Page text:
Travels with Herodotus (Paperback)
From the renowned journalist comes this intimate account of his years in the field, traveling for the first time beyond the Iron Curtain to India, China, Ethiopia, and other exotic locales.
In the 1950s, Ryszard Kapuscinski finished university in Poland and became a foreign correspondent, hoping to go abroad perhaps to Czechoslovakia. Instead, he was sent to India the first stop on a decades-long tour of the world that took Kapuscinski from Iran to El Salvador, from Angola to Armenia. Revisiting his memories of traveling the globe with a copy of Herodotus' Histories in tow, Kapuscinski describes his awakening to the intricacies and idiosyncrasies of new environments, and how the words of the Greek historiographer helped shape his own view of an increasingly globalized world. Written with supreme eloquence and a constant eye to the global undercurrents that have shaped the last half-century, Travels with Herodotus is an exceptional chronicle of one man's journey across continents.
About the Author
Ryszard Kapuscinski, Poland's most celebrated foreign correspondent, was born in 1932. After graduating with a degree in history from Warsaw University, he was sent to India, Pakistan, and Afghanistan to report for the Polish news, which began his lifelong fascination with the Third World. During his four decades reporting on Asia, Latin America, and Africa, he befriended Che Guevara, Salvador Allende, and Patrice Lumumba; witnessed twentyseven coups and revolutions; and was sentenced to death four times. He died in 2007.His earlier books--Shah of Shahs, The Emperor, Imperium, Another Day of Life, The Soccer War, and Shadow of the Sun--have been translated into nineteen languages.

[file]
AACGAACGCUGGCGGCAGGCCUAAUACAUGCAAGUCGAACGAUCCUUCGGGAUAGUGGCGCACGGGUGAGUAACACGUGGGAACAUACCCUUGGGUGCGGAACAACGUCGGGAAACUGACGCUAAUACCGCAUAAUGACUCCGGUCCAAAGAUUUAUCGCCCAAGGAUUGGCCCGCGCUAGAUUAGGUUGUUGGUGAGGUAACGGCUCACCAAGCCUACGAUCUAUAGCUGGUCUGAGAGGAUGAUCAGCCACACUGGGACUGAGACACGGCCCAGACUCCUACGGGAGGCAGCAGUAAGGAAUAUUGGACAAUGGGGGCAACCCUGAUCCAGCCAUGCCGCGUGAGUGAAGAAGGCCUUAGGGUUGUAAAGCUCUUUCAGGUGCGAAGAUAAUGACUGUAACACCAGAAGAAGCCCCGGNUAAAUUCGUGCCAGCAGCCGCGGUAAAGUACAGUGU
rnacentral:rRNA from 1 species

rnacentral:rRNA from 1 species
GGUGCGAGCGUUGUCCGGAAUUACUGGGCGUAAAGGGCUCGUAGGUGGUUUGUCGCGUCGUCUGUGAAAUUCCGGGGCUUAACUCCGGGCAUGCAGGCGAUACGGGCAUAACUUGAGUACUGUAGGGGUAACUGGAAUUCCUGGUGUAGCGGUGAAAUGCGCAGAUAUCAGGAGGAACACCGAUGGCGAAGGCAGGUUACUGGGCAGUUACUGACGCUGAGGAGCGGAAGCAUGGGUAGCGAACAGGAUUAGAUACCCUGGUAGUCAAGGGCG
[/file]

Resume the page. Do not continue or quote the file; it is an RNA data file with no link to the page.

“Luminous. . . . Like Herodotus, Ryszard Kapuscinski was a reporter, a historian, an adventurer and, truly, an artist.” —The Wall Street Journal“Enchanting. . . . Underneath its shimmering prose beats the unquiet heart of a fundamentally decent man and an uncommonly gifted observer. . . . It has a startling clarity and power.” —The New Republic“A work of art: so eloquent, so simple, that you find yourself marveling at its prose….a travel book that all students of writing and of literature ought to read.” —The Washington Post Book World